The roads on this section are familiar. I've definitely ridden this way before on the NJ 600k. There is ocean to my left and I'm still enjoying the wind at my back. Other than a couple of riders, who are not part of the MS ride, I see no one around. The two riders I see are a couple on vacation from Pennsylvania. They ask me what ride I'm doing, having seen the number pinned to the back of my Jersey. We ride for a few miles conversing until I make the turn for the Sea Isle City rest stop which is at the Ambulance Corps. I pull in, noticing there are no other bikes in the racks. I ask the volunteers if anyone else has been in. They say I am the first. They have only seen two riders a short time ago, who passed by without stopping. I'm a little baffled how I could be so near the front of the ride. I didn't think I was pushing that hard. I refill my water, use the bathroom and head out just as three riders are pulling in.
|My Jamis Sputnik is the sole visitor to the Sea Isle City rest stop|
|Steve and Ken E, two of the guys I finished with|
|Ken T. leading the group in the final twenty miles|
|My location for night two|
At 5am I depart the motel heading north on US 9 in darkness. It is raining lightly, but the temperature is a comfortable 67 degrees. There is very little traffic about. The skies lighten quickly, but it remains overcast, although the rain has stopped. I remain on US 9 to State Route 50, which will lead me into Egg Harbor City. On Route 50 passing through Mays Landing I spot a McDonalds. I've been looking to try their new oatmeal. I pull in and am quickly enjoying a tasty bowl of the stuff. Not on the level of the steel cut Irish oatmeal I eat at home, but it will do in a pinch.
|Pointing the way home|
|Hmmm. Probably not reasonable to make a stop in AC|
|Taking in the scenery of the area|
|The Pine Barrens are as quiet as it gets in New Jersey|
After working through a navigation problem just prior to Tom's River, I find my way to the bridge to cross into Seaside Heights. It is a nerve racking mile or two, being buzzed by traffic traveling at very high speed, with no shoulder to use. I'm relieved when I finally end up on Route 35 where it is also busy, but there is a usable emergency lane. I'm keeping any eye on the time, and am becoming concerned about making the train. I have about 110 miles behind me and about 10 left to cover. With about 35 minutes left. Given all the traffic lights through the shore towns it will be very tight. I do my best to keep my average speed up, but am having difficulty as the roads are not in ideal condition through this section. I'm dodging pot holes and broken glass. I enter the town of Lavalette knowing that Bay Head is just a few towns further north. I have about 15 minutes to make it. After passing Normandy Beach I know that I just need to make it through the town on Mantoloking and I'm there. There is six minutes left. The area seems to have been flooded recently as there are road crews working on the sewers. At one point just as I approach the town the road crew stops all the traffic to allow a big truck access to the work area. With only a few minutes left I know I'll miss the train. It will mean an hour and a half wait for the next one. I find a nice coffee shop in Bay Head named Rockin Joe's, where I can relax for awhile. A half hour before the scheduled train departure I ride over to the station. The train is on time delivering me to Long Branch by 4:30. I ride the three miles to the college locating my car in the lot. Despite the missed train I am home in time for dinner.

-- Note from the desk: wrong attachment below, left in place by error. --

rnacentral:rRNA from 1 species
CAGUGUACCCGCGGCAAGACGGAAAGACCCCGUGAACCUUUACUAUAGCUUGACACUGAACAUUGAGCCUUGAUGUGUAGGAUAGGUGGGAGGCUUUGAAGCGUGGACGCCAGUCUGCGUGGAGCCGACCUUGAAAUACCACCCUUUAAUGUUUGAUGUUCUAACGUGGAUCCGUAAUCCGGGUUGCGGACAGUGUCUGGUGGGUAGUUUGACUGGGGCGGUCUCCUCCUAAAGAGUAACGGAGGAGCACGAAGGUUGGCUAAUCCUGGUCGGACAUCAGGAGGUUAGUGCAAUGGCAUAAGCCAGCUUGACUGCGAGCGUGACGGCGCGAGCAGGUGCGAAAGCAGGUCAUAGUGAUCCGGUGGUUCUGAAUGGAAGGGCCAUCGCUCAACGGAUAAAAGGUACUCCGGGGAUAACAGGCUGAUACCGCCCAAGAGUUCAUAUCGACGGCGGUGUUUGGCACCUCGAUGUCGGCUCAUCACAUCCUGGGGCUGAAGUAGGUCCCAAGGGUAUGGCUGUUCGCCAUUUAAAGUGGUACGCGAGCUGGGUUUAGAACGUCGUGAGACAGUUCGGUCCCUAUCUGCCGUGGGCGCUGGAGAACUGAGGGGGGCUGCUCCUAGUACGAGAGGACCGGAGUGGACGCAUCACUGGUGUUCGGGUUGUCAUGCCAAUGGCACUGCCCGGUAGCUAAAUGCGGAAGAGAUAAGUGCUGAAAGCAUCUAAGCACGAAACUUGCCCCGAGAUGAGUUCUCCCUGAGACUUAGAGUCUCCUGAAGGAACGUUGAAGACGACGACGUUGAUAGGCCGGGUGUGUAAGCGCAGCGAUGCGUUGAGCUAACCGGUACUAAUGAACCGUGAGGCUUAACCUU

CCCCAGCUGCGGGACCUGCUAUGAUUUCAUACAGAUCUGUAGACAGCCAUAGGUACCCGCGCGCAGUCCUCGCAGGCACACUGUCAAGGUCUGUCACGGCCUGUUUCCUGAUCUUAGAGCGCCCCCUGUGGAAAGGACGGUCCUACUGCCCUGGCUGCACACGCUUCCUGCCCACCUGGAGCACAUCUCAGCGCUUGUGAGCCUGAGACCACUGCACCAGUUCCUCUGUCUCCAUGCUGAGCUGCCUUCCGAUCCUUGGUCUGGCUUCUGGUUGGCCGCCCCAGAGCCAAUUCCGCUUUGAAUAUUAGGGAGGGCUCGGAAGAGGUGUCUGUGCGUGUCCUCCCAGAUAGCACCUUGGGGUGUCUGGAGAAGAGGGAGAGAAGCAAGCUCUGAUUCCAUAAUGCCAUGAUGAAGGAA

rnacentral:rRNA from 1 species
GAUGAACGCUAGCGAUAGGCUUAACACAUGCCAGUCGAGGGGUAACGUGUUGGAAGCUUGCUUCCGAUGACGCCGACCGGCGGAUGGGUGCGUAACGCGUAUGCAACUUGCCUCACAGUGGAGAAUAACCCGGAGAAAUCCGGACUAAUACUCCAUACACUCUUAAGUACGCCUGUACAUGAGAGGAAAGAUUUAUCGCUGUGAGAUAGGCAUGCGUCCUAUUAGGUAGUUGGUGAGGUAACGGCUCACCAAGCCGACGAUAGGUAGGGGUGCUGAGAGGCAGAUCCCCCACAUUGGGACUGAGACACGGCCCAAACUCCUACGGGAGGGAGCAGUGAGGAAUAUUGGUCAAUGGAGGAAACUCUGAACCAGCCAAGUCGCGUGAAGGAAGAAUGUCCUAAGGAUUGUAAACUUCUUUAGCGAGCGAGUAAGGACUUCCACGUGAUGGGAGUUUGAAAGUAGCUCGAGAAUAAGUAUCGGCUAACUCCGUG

The third day of riding added 125 miles to the event, putting my three day total over 300 miles. While not the crazy total a Randonneuring event would deliver, it's a worthy accomplishment none the less.
In many years of riding I've participated in very few charity events. Which is something I feel badly about. Cycling can be very self indulgent. For sure, I've done my fair share of indulging. I'm grateful for this opportunity to use the activity I love to do something for others. Collectively, all the riders that gathered for this single MS event raised the better part of a million dollars. The funds to be used for research and support for those with the disease. That is a significant accomplishment. One that will certainly make a difference. It is more gratifying to have played a part in bringing that about than completing the ride. Although, both have meaning to me. I look forward to the chance to do this again. I hope you will join me in the effort. If not for this cause for another of your choice. Together we can really make a difference.